Mathieu equation and instabilities

Consider the Mathieu equation $$ \tag 1 y'' + (A -2q\cos(2t))y = 0, $$ How does it provide instabilities for small $q << 1, A > q$? I don't understand this because as the result of ...
0
votes
1answer
87 views

Book on gamma functions with applications in physics

I have heard that in my next semester, our quantum mechanics teacher will be giving a great emphasis on difficult integrals with the most of them having to do with gamma functions. Does anybody know ...
2
votes
2answers
212 views

Can all of physics be described by simple math? [closed]

Recently I was browsing through A Dynamical Theory of electromagnetic field by Maxwell and wondered because the paper did not seem to include any vector calculus or any vectors. I thought of the ...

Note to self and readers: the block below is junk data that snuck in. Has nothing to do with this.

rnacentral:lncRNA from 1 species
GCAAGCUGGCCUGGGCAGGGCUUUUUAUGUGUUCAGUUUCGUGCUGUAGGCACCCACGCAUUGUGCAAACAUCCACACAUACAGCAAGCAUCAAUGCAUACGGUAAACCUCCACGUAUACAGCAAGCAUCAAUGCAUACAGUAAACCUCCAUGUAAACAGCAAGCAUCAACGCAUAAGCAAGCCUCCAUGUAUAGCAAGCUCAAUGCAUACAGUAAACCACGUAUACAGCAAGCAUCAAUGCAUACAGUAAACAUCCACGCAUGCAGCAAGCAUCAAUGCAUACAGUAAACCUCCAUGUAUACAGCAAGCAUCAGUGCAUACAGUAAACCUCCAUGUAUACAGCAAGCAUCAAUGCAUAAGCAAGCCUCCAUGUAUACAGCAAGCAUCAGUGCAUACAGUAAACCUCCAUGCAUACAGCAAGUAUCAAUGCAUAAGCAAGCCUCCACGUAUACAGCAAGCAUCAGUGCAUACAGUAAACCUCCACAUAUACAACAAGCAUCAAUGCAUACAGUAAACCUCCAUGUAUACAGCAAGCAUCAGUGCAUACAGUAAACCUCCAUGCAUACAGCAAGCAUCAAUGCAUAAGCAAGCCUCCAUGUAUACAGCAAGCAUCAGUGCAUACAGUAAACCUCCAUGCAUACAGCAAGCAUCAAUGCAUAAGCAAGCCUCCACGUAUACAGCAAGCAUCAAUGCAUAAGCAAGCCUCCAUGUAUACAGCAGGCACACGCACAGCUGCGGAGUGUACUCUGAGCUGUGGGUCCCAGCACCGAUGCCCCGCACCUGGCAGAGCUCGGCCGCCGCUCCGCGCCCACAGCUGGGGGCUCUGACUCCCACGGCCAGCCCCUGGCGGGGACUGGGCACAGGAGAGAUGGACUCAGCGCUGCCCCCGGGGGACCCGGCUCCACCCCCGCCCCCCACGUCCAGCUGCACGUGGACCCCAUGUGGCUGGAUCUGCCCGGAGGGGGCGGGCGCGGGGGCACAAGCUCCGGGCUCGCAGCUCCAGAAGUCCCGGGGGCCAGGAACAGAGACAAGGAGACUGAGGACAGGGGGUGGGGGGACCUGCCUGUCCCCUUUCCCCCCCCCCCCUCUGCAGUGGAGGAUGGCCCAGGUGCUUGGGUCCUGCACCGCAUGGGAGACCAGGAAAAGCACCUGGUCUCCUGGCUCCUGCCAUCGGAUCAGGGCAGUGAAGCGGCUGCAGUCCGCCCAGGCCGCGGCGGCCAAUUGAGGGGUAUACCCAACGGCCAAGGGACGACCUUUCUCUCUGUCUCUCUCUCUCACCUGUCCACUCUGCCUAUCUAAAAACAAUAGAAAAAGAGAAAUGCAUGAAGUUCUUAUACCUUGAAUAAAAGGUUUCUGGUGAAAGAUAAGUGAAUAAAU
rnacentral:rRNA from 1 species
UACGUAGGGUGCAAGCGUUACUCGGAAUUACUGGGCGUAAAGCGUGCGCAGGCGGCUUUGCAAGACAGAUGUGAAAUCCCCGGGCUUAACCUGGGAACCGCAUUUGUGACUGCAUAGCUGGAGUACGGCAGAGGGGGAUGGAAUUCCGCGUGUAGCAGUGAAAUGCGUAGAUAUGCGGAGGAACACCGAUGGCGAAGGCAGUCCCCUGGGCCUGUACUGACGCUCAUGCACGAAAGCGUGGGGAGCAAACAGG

0
votes
0answers
33 views

Mathematics involved in string theory [duplicate]

As an amateur mathematician and lover of the sciences I have a well working knowledge of classical mechanics, quantum mechanics, general relativity, quantization, and so on... But recently I've been ...
2
votes
1answer
89 views

How to prove that sum converges to integral using density of states?

Essentially, I would like to prove $$ \sum_k f(k) \to \int f(k) \rho dE \tag{1}$$ where $$ \rho = \frac{dk}{dE} \tag{2}$$ is the density of states and $k \to \infty$. The model is that there is a ...
1
vote
0answers
78 views

Any other mathematical fields in physics than $\mathbb{R}$ or $\mathbb{C}$? [closed]